by Amber Newman, Vice President of Marketing, AMTdirect
People have been talking about changes to the FASB and IASB lease accounting standards for more than a decade, so if you adopted an, “I’ll believe it when I see it” mentality, we can’t blame you.
It’s time to believe it.
In fact, for public companies, the new reporting rules kick in fewer than 60 days from now. Private companies have more time, but the clock is ticking. In short order, leases will impact the balance sheet and your financial reporting practices.
Implementing a new standard is always challenging, but folks who’ve done it have discovered that the leasing standard is complex with several potential points of failure.
Here are the biggest mistakes we’ve seen and how you can avoid them.
#1 Underestimating the Organizational Impact and Scope
One question we get a lot is, “Is FASB 842 an accounting problem or a real estate one?” The answer is, “Yes…and more.”
The updated accounting standards mandates significant changes to almost every part of your business:
- Real Estate
- Financial Reporting
- Analyst Relations
Unfortunately, lots of companies have walled organizations that don’t typically share information back and forth, and they don’t have good systems in place for doing so.
Organizations that have been successful have had to make shifts to roles and responsibilities and roll out technology designed to support this cross-functional challenge.
Making Bad Assumptions About Data
We’ve seen many companies make the mistake of believing that, because they have real estate data in an electronic system, they are all set for compliance.
They are almost always wrong.
Compliance with FASB ASC 842 requires lots of lease data that isn’t ordinarily abstracted today. Information like renewal incentives and purchase option dates might not already be in your data set.
Some required information such as fair market value or useful life isn’t in the lease at all. What’s more, elements such as whether a renewal option is likely to be exercised require decision-making, not just data entry.
To the extent that you do have some data in an electronic system, this is an appropriate time to evaluate its accuracy and completeness. Are you willing to trust your financial statements to the information in your system, or is an audit advisable?
#3 Neglecting Equipment and Other
Most of the talk about the standards changes has been about real estate leases because that’s where most of the balance sheet impact will come from.
But for many companies, most of the work will come from other types of leases like equipment. It’s not unusual for equipment leases to be done on a departmental level, leaving many finance teams with no idea how many equipment leases exist or how to identify them.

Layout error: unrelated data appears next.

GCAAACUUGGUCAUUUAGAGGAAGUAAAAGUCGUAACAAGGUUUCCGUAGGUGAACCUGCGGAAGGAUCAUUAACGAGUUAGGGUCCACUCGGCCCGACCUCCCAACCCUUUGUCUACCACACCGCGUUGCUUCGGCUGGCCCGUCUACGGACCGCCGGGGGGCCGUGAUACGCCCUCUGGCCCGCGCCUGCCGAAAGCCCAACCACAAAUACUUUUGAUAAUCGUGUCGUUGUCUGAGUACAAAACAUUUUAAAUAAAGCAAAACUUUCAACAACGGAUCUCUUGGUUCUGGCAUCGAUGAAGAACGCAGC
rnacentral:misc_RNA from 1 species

Finding all leases (real estate and other) should be on the top of your “To-Do” list. Here are a few places to look:
- Real estate management systems or spreadsheets
- Contract Management Systems
- Fleet Management Systems
- Property Management and Commercial Real Estate Service Providers
- Procurement Systems
- Accounts Payable
- Current Financial Reports
- IT Documents and Systems
#4 Selecting the Wrong Technology
Executing FASB 842 correctly requires an exhaustively sophisticated software system. So the vendor selection process should be considered high priority.
There are three key areas you’ll want to evaluate in a solutions provider:
Features: First, the features must meet your spec requirements.
Price: Second, the solution has to be within your budget.
Services: But finally–and most importantly–you must consider the quality and quantity of services.
Especially at this late date, services are essential when choosing a vendor. We’ve heard too many nightmare scenarios about vendor selection gone wrong.
Protect yourself by identifying a vendor who will support you after the sale.
Before reaching an agreement, note what you’ll receive as far as:
- Ad hoc reporting
- Abstraction process and timeframe
- Support availability
The mistake most companies make when choosing a vendor is deciding based on features and price alone, instead of service.
Our advice is to pick a vendor, not a product.
#5 Focusing Only on the Immediate Problem
We’ve heard the FASB changes compared to the whole Y2K issue, but it turns out it is really quite different. With Y2K, once the digits were fixed, all was well, and business returned to normal.
But financial reporting under the FASB guidelines isn’t a one-time event.
The number of day-to-day lease events that will require revisions to the FASB schedules is enormous. A few of them include: a change in term, a change in space, execution of an option, terminations, kick-outs, renewals, change in the amount of a FASB-related charge after the initial period, receipt of TIA payments, the list goes on.
FASB ASC 842 isn’t an event. It’s the new normal and organizations must have technology, processes, and training in place to support it. While it’s tempting to focus on the looming deadline in front of you, our advice is to spend time with your team thinking forward.
So, given all of this risk, how will you survive? Our clients have found that it is best not to go it alone.
Your organization will only make this transition once. The best partner/vendors in the market will do it hundreds of times. With the right help, you can avoid the pitfalls that lead to delay, confusion, and unhappy auditors.
If you haven’t found the right partner yet, its time to start looking before all of the available implementation resources are snatched up.